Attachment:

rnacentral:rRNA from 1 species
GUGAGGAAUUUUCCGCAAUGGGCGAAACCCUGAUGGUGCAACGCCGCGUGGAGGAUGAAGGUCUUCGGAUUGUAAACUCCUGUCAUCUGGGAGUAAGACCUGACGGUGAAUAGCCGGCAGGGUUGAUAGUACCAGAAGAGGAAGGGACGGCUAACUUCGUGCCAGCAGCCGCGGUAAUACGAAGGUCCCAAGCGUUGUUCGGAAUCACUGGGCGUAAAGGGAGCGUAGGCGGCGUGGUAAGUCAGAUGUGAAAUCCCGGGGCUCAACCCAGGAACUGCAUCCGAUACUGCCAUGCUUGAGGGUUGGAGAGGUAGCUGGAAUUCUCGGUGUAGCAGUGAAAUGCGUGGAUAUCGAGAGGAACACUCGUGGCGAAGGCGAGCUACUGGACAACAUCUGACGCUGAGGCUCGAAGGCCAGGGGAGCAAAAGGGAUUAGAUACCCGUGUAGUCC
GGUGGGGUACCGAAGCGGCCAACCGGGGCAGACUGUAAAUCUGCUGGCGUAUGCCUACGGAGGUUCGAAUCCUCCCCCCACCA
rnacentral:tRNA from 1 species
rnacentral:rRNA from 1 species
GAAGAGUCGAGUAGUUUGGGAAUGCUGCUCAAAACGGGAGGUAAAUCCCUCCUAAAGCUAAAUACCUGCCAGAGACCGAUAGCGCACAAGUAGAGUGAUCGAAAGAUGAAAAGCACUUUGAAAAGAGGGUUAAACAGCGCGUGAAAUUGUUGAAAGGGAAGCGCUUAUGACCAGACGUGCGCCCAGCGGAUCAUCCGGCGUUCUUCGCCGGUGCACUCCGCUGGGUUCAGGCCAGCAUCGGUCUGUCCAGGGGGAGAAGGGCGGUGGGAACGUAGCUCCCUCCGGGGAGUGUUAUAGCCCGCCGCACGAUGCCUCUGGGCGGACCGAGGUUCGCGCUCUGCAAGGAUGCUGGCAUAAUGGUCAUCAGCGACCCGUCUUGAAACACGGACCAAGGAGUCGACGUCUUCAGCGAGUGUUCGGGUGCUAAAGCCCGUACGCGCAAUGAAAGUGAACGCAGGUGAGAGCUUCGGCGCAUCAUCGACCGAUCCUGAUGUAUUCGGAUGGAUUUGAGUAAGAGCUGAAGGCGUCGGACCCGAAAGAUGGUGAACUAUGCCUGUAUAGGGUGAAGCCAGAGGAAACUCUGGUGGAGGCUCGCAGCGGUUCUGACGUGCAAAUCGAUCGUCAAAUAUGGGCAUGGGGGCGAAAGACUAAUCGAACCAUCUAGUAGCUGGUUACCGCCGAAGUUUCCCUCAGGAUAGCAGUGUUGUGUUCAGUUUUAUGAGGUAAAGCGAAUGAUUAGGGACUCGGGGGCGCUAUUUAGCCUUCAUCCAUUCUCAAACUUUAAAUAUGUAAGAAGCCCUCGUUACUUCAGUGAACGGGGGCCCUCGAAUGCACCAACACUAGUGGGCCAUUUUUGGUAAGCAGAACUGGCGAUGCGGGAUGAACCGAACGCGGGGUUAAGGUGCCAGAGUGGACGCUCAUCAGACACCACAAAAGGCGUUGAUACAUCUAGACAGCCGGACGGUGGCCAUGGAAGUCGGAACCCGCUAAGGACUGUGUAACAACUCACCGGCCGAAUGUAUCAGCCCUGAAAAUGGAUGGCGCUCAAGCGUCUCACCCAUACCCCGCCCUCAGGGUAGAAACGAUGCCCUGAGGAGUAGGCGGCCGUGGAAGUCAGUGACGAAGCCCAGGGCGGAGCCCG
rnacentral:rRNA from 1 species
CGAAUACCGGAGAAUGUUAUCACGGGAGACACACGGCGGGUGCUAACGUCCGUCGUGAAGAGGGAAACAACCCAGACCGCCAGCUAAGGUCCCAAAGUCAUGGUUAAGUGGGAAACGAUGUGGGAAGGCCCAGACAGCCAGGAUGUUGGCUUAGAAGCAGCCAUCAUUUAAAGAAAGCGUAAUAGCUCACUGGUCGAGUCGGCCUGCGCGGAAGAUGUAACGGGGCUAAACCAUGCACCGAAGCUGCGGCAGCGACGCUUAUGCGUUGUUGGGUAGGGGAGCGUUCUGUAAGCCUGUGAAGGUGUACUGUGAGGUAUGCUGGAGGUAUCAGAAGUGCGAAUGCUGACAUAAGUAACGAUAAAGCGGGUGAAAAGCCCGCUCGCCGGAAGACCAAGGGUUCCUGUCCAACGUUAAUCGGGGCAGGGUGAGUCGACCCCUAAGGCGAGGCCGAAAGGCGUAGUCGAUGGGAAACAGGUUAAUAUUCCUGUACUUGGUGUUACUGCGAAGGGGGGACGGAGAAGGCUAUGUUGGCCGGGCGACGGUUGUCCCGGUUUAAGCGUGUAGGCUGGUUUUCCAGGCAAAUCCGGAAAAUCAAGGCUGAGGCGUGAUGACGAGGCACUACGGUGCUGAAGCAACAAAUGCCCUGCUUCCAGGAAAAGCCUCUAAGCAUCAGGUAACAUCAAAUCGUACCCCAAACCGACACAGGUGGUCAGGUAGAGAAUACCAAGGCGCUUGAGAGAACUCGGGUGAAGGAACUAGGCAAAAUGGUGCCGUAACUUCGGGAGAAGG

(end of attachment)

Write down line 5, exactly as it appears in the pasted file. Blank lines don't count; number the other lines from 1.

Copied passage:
rnacentral:rRNA from 1 species